The focus here is on the extreme ends of climate change: man becoming a ‘myth’, extinction of living things, and things turning to dust. It could almost be a poem of the apocalypse.
6. ‘We Rise’.
Gorman read this poem at Variety’s Power of Women event presented by Lifetime. At the event, the poet encouraged the women in the audience to rise up and speak their truth to power, in rousing lines which emphasise the collective power of women (much as another poet, Audre Lorde, had some decades before).
Gorman is keen to depict women’s strength: they are victors, rather than victims. They are powerful, but they need to work together to bring about change in the world. Knowing what the future can bring – in a memorable image, she describes this as not knowing the wind, but knowing where it will blow – is key to women’s success in gaining greater justice and equality around the world.
7. ‘Chorus of the Captains’.
This is the poem which Gorman performed at the Super Bowl, in 2021. The poem salutes the work the heroes who had worked hard and helped others during the pandemic, focusing on three ‘captains’ who represent different kinds of American heroes: a ‘warrior’, a teacher, and a nurse who works in ICU.
Gorman celebrates all three as ‘warriors’ who have bravely served their community and put themselves on the line to help others during a time of crisis.
8. ‘School’s Out’.
Many of Gorman’s poems address contemporary issues in American life, and sadly the school shooting is an all-too-regular occurrence in the US. Here, in a poem filled with dramatic tension, Gorman focuses on the incident itself and the impact it has on those children who endured it.
In alluding to Shakespeare’s Julius Caesar (‘beware the ides of March’), Gorman hints at America’s exceptionalism and belief in itself as a superpower: a belief which can, like Julius Caesar’s vulnerability in a position of power, become the nation’s downfall.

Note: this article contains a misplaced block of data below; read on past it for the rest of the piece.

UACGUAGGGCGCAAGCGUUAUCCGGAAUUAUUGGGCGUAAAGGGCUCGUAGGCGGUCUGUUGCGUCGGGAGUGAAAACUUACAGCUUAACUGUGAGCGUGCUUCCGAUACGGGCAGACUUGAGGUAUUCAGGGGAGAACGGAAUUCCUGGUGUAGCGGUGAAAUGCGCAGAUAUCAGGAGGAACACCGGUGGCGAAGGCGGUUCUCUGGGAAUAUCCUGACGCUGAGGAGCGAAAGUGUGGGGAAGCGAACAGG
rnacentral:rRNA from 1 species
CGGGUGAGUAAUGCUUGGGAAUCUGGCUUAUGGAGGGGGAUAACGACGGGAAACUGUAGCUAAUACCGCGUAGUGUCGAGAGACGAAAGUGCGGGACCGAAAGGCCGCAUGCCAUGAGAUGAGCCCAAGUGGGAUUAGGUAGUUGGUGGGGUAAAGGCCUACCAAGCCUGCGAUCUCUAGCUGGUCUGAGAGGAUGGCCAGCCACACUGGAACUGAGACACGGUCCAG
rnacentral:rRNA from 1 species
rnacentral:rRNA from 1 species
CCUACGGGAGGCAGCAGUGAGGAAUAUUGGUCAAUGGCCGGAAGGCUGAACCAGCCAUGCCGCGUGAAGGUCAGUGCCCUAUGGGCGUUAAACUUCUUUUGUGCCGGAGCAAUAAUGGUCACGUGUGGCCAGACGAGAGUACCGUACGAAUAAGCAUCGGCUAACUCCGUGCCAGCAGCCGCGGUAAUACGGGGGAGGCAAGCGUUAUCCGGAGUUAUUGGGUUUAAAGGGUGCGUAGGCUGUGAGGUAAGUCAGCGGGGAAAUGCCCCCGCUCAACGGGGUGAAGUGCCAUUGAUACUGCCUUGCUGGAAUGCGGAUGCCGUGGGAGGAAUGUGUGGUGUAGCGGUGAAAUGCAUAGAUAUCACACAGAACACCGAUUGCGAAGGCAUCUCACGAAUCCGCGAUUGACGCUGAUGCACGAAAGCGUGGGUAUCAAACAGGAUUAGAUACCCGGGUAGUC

9. ‘New Day’s Lyric’.
This is one of Gorman’s best-known and most popular poems. She has stated that she wrote it, at the end of 2021, to ‘celebrate the new year and honor the hurt and the humanity of the last one.’
The alliteration present in many of the poem’s lines mirrors the poem’s emphasis on bonding and coming together, as two key words in each line are joined together through their shared sounds.
Describing hope for the new year as a ‘portal’ – recalling the origins of the month of January in Janus, the Roman god of doorways – Gorman acknowledges that things may never get back to how they were before the events of 2020-21 but one day, perhaps, we can go beyond the ‘normal’ we used to know.
10. ‘The Hill We Climb’.
In January 2021, the 22-year-old poet Amanda Gorman achieved a record: she became the youngest person ever to recite a poem at a US President’s inauguration, when Gorman read her poem ‘The Hill We Climb’ at the inauguration of President Joe Biden. We have analysed the poem here.
‘The Hill We Climb’ is probably Gorman’s best-known poem. It is hopeful while being realistic about the struggles the United States faces – together – during a period of political and medical turmoil, not least because of the various events of 2020.